A spokesman for the State Department in Washington on Wednesday denounced what he called the "false" assertions by former Israeli ambassador and current MK Michael Oren, who said the Obama administration has abandoned Israel.
In an op-ed piece in The Wall Street Journal earlier this week, Oren, now a member of the Kulanu party, said President Barack Obama had dropped the core principles guiding Israeli-U.S. ties of "no daylight, no surprises."
Oren, who served as ambassador from 2009 to 2013, acknowledged that Israel blundered in many instances, but added that "while neither leader monopolized mistakes, only one leader made them deliberately."
"From the moment he entered office, Mr. Obama promoted an agenda of championing the Palestinian cause and achieving a nuclear accord with Iran. Such policies would have put him at odds with any Israeli leader," Oren wrote.
On Wednesday, State Department spokesman John Kirby insisted that as Oren had only been the ambassador, he "had limited visibility into many of the private discussions and deliberations that he describes."
Secretary of State John Kerry believed that Oren's account, "particularly the account of President Obama's leadership in the U.S.-Israeli relationship, is absolutely inaccurate and false, and doesn't reflect what actually happened in the past," Kirby was quoted by AFP as having told reporters.
"From the moment he entered office, Mr. Obama promoted an agenda of championing the Palestinian cause and achieving a nuclear accord with Iran," Oren had written. "Mr. Obama posed an even more fundamental challenge by abandoning the two core principles of Israel’s alliance with America."
Back in 2009, Oren recalls how Obama told American Jewish leaders, "when there is no daylight Israel just sits on the sidelines and that erodes our credibility with the Arabs," a comment that ignored the 2005 Disengagement plan from Gaza and Israel's previous two offers to the Palestinian Authority (PA) to grant them a state.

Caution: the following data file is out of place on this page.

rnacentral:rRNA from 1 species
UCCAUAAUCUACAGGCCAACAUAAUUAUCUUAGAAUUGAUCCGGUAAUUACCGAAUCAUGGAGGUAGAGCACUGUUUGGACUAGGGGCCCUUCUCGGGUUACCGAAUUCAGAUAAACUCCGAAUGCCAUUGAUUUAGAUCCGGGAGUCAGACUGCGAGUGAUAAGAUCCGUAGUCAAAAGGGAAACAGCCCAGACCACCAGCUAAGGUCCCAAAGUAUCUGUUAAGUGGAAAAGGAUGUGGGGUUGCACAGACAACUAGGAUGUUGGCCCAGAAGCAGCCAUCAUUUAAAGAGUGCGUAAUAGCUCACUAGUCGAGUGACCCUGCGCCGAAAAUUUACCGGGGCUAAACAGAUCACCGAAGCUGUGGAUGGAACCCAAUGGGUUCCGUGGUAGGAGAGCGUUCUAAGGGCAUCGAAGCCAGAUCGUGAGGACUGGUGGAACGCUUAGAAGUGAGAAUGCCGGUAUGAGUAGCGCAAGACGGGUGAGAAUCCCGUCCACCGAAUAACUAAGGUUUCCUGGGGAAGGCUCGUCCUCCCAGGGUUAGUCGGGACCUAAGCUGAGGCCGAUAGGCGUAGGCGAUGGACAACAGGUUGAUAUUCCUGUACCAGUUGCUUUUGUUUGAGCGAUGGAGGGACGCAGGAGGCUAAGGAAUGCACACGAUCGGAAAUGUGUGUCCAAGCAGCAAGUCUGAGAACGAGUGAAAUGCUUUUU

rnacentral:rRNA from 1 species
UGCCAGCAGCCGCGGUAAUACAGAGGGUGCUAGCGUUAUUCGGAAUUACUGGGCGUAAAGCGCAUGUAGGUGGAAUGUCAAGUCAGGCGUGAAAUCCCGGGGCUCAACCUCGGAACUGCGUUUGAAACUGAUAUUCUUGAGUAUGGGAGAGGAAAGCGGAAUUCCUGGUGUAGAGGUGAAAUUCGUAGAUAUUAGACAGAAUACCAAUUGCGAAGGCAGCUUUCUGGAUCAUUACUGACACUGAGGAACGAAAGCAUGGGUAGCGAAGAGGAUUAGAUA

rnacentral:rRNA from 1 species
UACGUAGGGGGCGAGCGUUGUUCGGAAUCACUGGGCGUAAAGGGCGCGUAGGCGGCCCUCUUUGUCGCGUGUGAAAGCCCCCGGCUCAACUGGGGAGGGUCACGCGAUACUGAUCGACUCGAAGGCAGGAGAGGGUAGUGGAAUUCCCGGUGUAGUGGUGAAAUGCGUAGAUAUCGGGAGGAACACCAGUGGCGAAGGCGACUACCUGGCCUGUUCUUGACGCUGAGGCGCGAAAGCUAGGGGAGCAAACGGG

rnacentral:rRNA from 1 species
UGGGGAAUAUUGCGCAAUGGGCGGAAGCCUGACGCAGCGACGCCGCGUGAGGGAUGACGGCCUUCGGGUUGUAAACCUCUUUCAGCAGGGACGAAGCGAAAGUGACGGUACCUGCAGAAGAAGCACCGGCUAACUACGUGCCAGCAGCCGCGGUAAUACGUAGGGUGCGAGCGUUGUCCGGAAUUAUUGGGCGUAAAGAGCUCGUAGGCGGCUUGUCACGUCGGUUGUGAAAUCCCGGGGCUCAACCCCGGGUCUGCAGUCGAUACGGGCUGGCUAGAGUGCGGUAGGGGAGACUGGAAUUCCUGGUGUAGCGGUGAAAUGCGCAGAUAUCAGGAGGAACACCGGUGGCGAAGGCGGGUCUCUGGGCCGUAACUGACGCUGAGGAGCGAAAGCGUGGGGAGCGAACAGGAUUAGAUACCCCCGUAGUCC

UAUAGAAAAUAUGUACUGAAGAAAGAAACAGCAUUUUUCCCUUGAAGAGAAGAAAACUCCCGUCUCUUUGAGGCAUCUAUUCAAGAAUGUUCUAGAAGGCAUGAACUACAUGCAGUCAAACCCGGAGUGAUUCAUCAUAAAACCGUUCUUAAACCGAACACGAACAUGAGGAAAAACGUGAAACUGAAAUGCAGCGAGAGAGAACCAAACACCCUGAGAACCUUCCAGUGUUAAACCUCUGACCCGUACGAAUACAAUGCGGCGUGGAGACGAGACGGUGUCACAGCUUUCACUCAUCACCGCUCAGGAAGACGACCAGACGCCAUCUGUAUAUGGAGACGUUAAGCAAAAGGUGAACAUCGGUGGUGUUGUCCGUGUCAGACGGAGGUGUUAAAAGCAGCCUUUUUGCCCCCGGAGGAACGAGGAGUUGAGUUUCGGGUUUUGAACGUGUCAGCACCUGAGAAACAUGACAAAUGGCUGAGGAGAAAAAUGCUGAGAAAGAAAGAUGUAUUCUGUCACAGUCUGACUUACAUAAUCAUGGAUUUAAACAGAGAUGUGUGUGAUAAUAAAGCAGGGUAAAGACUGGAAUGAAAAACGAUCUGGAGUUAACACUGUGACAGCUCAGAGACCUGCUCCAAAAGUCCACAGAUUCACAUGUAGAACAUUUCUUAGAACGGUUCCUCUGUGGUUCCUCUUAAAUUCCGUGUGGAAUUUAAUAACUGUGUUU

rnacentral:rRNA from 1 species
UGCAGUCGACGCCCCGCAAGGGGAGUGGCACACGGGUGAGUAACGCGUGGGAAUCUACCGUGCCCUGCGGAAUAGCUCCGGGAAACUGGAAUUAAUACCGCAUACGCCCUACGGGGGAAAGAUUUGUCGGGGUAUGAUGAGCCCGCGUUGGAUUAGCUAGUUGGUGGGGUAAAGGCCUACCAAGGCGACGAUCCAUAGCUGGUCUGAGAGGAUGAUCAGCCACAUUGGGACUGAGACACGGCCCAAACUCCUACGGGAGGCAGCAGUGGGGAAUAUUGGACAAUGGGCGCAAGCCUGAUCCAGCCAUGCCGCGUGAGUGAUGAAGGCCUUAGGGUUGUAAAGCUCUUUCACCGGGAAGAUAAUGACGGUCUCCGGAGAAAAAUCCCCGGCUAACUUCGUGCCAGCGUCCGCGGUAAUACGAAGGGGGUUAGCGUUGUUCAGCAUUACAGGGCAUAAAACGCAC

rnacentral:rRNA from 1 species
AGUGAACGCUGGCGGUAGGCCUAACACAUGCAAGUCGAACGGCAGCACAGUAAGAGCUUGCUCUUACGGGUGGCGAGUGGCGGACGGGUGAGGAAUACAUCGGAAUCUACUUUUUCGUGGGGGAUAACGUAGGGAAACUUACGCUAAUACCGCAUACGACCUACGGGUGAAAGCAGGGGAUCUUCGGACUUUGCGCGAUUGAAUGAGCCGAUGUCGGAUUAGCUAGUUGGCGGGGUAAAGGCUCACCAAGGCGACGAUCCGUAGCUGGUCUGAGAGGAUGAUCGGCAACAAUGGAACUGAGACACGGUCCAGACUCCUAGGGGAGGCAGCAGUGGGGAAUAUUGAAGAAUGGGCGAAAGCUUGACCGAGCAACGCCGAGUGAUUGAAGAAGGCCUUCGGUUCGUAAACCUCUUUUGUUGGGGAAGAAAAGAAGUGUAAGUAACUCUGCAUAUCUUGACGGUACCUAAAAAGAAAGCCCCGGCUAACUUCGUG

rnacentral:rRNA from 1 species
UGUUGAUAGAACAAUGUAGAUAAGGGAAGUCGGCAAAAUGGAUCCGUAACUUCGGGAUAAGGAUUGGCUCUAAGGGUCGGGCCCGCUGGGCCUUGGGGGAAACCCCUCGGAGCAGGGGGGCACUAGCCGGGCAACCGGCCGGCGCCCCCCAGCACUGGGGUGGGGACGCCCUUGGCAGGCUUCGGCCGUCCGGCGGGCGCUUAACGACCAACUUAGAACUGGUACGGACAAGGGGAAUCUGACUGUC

Obama also nixed former President George W. Bush's promise to include major "settlement blocs" in Judea and Samaria within Israel's borders according to any peace agreement, instead forcing Prime Minister Binyamin Netanyahu to impose total building freezes in those areas.
Oren noted that as a result, PA chairman Mahmoud Abbas torpedoed the peace talks by sealing a unity deal with Hamas, "but he never paid a price. By contrast, the White House routinely condemned Mr. Netanyahu for building in areas that even Palestinian negotiators had agreed would remain part of Israel."
He pointed to Obama's first meeting in May 2009 with Netanyahu when he abruptly demanded that Israel freeze construction in Judea and Samaria and accept a two-state solution.
Only weeks later, Obama travelled to the Middle East to address the Muslim world but did not make a stop in Israel, and broke with tradition by not giving Israeli leaders an advance copy of his speech.
Before Kirby’s remarks, Finance Minister Moshe Kahlon, who heads the Kulanu party, penned an official apology letter to the White House over Oren’s remarks.
In the letter, Kahlon stated that Oren's views are his alone and that the accusations levied in the Wall Street Journal article do not represent the views of the party.